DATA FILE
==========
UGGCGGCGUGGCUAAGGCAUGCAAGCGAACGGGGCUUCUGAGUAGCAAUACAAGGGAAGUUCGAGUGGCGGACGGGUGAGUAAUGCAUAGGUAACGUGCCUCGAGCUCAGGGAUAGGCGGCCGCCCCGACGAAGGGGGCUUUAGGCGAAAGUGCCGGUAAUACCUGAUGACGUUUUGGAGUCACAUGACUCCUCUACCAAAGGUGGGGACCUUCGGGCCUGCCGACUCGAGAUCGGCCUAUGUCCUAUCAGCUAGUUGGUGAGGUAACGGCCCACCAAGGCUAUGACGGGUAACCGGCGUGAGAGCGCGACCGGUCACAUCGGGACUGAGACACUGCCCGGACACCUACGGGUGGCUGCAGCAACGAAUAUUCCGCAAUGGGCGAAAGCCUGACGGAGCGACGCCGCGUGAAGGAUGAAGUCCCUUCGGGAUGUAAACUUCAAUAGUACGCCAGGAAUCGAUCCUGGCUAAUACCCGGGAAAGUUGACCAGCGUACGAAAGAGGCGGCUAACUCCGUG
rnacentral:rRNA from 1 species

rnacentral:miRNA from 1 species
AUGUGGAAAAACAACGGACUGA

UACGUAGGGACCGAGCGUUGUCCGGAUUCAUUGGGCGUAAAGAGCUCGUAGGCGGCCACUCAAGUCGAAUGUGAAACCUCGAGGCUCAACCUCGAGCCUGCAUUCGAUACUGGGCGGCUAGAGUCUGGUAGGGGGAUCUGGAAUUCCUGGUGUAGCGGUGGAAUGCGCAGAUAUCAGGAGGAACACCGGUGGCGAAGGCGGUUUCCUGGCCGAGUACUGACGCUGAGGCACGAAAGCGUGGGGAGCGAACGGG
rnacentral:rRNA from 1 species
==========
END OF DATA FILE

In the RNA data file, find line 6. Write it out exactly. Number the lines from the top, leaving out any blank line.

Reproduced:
rnacentral:rRNA from 1 species